In apparent contradiction, however, the triumphant narratives rather than extolling the military conquest, gave new vitality to determinist explanations; perhaps because they allowed the nascent states, which were founded like the colonial one on genocidal violence, to be absolved of responsibility, while at the same time conjuring up resistance, the evident presence of the Mapuche who, in spite of everything, continued to appear, to search, and to walk their paths. While the fires of the Mapuche tolderías were extinguished and in the Argentine prison camps they were re-classified for the new era as “useless Indians, warehouse Indians or prisoners” (Nagy and Papazian, para. 36), it was repeated as a litany that the “Araucanian race” had reached a period of extinction.
During the last decades of the twentieth century, coinciding with the war and persecution or, better said, the subsequent moment of reduction, repression, and helplessness and disorientation of the Mapuche, various Chilean photographers took images12 of Mapuche people in the format, famous at the time, of the carte de visite. Producing diverse scenographic contexts, the Mapuche are inscribed in the Studium of the time, in often implausible scenes; modelled by backdrops imported from Europe or North America, which were printed with art nouveau figures, French gardens, palm trees, vases and columns, and other objects so dear to the modelling of new bourgeois families.
The individual Mapuche portrait generally emphasizes the “ethnic” marks such as typical attire and physical characteristics of the “subjects” when it yields to the maxim that determined criminal and ethnographic photography of the time. The photographed subjects, at the same time, develop gestures that, most of the time, do not hide their distance from the medium and mediation. The photographs taken in the studio thus result in strange compositions that dislocate the purpose of the visiting card and, at the same time, demonstrate the inadequacy of the bourgeois and anthropological photographic Studium and the search to express these peoples and their cultures. They are, therefore, particularly rich in showing this dislocation.
In the preceding image (Fig. 2) it is the face of an anonymous Mapuche man that imposes itself on us in the form of an autonomous portrait for a visiting letter/postcard. The closeness of the frame13allows us to recognize the marks on his skin, his furrows, and the condition of his eyes (probably leucoma). His body is slightly bent. From this image we are reminded of the motif of the natural decay of the native; the avoidance of catastrophe and genocide. Ruinare: to bring down, to compose the entire Mapuche culture as a sediment, the remains of a fallen world material for ethnographic science, and its subjects as collapsing men, ruin-men, phantasmatic presences of a destruction that is denied but that was being exercised on the body and the entire culture of that nation. Ruin, however, we know, has an ambiguous status. The ruin is also that which remains after collapse, which appears in the judgement of the centuries. How can this ruinous gaze, which we imagine to be transcended by opacity, call out to us with such a force of interpellation and what is it that summons us from its clouded vision? These are paradoxical images, produced to ruin and commodify at the same time (studio photographs and exoticizing letters of visits concerning the "Araucanians" of Chile). They exist to turn bodies into both remains and commodities at the same time. They transform and are beyond the control of the photographic eye, materialities of memory, and testimonies, and, instead, act as sensual proofs of the life they tried to capture. Revelations: Because we are obliged to fix our gaze on the gaze of the portrayed and imagine what he sees, how we appear before him, and to recognize, in an image that also reveals the aesthetic fact itself - in the imminence of a revelation that does not take place, as Borges would say14 - a latency, a continuity, a gaze that continues to appear as the unveiling of the whole self of the portrayed15. In his splitting our own gaze, producing the splitting that crosses us as we take in his gaze; disturbing the times and the certainties of the end and the fall proclaimed by the colonial vanities.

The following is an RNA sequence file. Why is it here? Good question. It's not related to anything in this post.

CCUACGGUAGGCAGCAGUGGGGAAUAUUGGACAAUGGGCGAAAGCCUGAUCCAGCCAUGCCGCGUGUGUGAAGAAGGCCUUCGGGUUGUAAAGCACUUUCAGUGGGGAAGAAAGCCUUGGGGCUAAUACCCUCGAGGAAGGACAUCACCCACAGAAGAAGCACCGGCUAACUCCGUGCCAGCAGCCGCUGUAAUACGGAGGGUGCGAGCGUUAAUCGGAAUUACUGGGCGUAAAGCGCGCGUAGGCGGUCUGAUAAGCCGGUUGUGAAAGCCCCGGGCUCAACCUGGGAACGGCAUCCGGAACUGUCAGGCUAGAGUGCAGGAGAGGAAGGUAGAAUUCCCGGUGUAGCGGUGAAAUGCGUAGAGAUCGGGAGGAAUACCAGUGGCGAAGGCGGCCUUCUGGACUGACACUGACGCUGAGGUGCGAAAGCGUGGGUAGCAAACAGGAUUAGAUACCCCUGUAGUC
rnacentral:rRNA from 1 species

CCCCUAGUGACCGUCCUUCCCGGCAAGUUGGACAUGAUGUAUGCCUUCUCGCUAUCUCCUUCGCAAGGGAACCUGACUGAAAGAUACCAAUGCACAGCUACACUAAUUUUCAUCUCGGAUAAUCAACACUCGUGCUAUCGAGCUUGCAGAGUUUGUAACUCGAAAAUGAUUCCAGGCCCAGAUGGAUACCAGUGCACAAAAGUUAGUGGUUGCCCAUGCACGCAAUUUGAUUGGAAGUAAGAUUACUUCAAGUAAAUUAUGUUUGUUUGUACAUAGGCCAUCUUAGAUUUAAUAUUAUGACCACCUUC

At the end of 1886, the great cacique Inakayal16, one of the last to resist the Argentine military occupation campaign, was imprisoned in the Museum of Natural Sciences in La Plata. The leader, who had dominated the vast southern regions between the Negro and Limay rivers, as well as the Nahuel Huapi lake and the Kaleufu river (today called Neuquén) from the Waizuf Mapu (Cordillera Border territory) to the Willi Mapu (Southern Territory), was imprisoned in the Museum together with Foyel and Sayhueque, some of the most important Mapuche chieftains of the time; along with their families and close friends. Surrounded by indigenous human remains that were part of the anthropological collections on display, Inakayal and his family could only so well imagine the fate that awaited them. In the photograph of Inakayal (Fig. 3), possibly taken in Tigre prison, the man who never wanted to surrender his name to the invaders (he did not negotiate his nationality and therefore did not agree to any royalties from the Argentine state) stares straight into the camera’s eye, in one of the most expressive images of the terrible consequences of the defeat suffered by the Mapuche people (who had resolutely contested their territory from the Argentine state throughout the entire century) at Puel Mapu. His gestures are tinged with something like a distant rebuke towards the one who forces the image on him, a miserable and futile act of domination, he seems to say. Inakayal’s gaze is, once again, immeasurable in its judgement of the "civilization" that wants to subject him.